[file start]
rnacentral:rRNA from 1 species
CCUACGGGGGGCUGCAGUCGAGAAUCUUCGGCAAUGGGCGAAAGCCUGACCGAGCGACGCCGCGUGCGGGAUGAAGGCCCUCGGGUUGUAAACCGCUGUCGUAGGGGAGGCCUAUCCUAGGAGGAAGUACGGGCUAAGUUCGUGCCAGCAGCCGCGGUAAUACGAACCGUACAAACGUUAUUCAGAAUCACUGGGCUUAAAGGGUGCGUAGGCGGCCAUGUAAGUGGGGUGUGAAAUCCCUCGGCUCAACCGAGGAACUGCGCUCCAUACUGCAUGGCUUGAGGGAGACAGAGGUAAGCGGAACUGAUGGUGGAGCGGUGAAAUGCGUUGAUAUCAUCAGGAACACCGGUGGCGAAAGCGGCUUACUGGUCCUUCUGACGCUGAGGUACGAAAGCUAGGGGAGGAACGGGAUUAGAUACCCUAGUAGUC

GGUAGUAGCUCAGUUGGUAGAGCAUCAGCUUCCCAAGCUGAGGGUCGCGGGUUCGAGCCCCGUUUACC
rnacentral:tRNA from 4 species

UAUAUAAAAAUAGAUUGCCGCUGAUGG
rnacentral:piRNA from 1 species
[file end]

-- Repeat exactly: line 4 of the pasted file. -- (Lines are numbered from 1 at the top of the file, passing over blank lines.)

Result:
rnacentral:tRNA from 4 species